Editorial: Balancing our rights with national security


The ISD Editorial Board encourages readers to be wary of any new proposed legislation aimed at national security and cautions that this often has unintended or unseen consequences. 

Editorial Board

People scaling walls, fires burning in front of the Capitol and a lone police officer leading a mob away from their targets. These images are still present in the mind of many Americans, even as we near 100 days since the insurrection occurred. On top of this, a “lone wolf” attacker attempted to ram past barricades to reach the Capitol building and killed another police officer.

These jarring acts of violence directed at the heart of American democracy has left many asking how they could have happened. Why did American intelligence services not pick up any credible threats while the average American could see the attack being planned on their own Twitter or YouTube feed? How did a group armed with flags and pepper spray breach what we assumed was one of the most secure buildings on Earth? And why did it take nearly two hours for the National Guard to even be called? 

Even after the occupation of the Capitol had concluded, many felt that the security measures continued to fall short. Hundreds or even thousands of individuals that had participated flew and drove home across state lines in the following days. As of April 12, less than 500 people had been charged in connection to the riots — out of thousands that gathered and became violent. 

This fresh fear, frustration and anxiety has presented lawmakers with a golden opportunity to pass new national security legislation. When we feel scared, we are eager to find a sense of security again and may support security legislation that we would normally oppose. A prime example of this is the U.S. Patriot Act.

Less than two months after the tragic 9/11 attacks, the U.S. Patriot Act was introduced to Congress. The bill was focused on combating terrorism and gave the American Military and intelligence community greatly expanded powers. Surveillance capabilities, both foreign and domestic, were dramatically increased. The details get very complicated, but John Oliver breaks down the biggest concepts of the law in a more understandable manner in an episode dedicated to government surveillance. 

The bill raced through Congress and was signed into law in just three days with nearly universal support. 

Years later, thanks to a bombshell intelligence leak orchestrated by Edward Snowden, we know the extent to which the U.S. Patriot Act was abused. Tens of millions of phone calls had been tracked inside the United States after Verizon was legally forced to provide the National Security Agency (NSA) with the information. Our online transmission, such as emails and messaging apps, were made accessible after the NSA tapped into the servers of nine tech giants such as Google, Microsoft and Facebook. And each day, the U.S. government secretly intercepted and stored 200 million SMS messages around the world.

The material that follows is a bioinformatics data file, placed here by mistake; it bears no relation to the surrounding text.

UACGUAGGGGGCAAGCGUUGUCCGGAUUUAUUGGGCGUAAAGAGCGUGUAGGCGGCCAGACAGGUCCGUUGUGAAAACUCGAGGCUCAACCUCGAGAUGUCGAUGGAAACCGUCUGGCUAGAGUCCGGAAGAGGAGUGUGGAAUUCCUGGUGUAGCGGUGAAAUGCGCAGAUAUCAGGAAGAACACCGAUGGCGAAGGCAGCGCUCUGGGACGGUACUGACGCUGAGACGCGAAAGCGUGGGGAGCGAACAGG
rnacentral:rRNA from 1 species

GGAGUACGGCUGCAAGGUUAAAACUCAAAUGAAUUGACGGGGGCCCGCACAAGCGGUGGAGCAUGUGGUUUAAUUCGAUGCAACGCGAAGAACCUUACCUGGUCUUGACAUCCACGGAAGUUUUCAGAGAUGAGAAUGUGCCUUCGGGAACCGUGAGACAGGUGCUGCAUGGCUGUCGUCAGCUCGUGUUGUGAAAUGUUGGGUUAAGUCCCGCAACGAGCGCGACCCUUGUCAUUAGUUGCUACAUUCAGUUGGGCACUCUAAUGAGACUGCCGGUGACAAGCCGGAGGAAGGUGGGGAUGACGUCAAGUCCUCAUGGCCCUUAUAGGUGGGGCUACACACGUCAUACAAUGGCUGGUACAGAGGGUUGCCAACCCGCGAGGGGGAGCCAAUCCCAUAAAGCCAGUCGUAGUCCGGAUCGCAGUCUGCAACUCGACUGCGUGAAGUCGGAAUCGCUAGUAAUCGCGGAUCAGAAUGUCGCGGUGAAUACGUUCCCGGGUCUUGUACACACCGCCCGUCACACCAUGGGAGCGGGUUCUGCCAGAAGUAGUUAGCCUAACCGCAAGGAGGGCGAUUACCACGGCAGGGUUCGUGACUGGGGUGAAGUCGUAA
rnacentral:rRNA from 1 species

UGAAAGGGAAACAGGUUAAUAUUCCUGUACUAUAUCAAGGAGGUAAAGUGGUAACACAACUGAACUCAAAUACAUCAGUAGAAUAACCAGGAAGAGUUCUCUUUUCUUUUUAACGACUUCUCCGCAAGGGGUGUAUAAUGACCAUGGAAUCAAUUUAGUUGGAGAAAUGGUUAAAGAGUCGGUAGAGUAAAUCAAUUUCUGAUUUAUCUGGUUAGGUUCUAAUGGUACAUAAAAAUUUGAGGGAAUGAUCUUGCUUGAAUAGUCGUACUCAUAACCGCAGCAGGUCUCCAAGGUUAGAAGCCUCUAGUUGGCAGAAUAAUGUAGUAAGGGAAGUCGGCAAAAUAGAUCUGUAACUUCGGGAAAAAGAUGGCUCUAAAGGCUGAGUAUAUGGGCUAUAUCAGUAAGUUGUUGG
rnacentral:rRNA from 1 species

We do not bring this point to ask you to oppose any security bill you hear about, but to encourage you to stay aware of what liberties you are giving up in exchange for security. 

Every day, we give up a few of our rights in exchange for the greater good. We sacrifice a bit of privacy when we go through airport security and our bags are searched. We give up a slice of our right to property when we pay taxes so we can have roads to drive on and an ambulance to pick us up when we are in need. We let go of a bit of our right to free speech so a person yelling slurs at someone can be charged for a hate crime. 

But these are sacrifices we have some say in through democracy; these are sacrifices we know that we are making. The violations through the Patriot Act were kept in secret, away from the American people and in many cases from the government themselves. This was the case in 2013 when the director of U.S. national intelligence lied to Congress about surveillance operations.

We simply ask you to take a second look at any new bills that may be introduced in the wake of recent events. Contact your representative and ask them to make sure any new powers are clearly defined. We should do what we can to avoid another violation of our rights.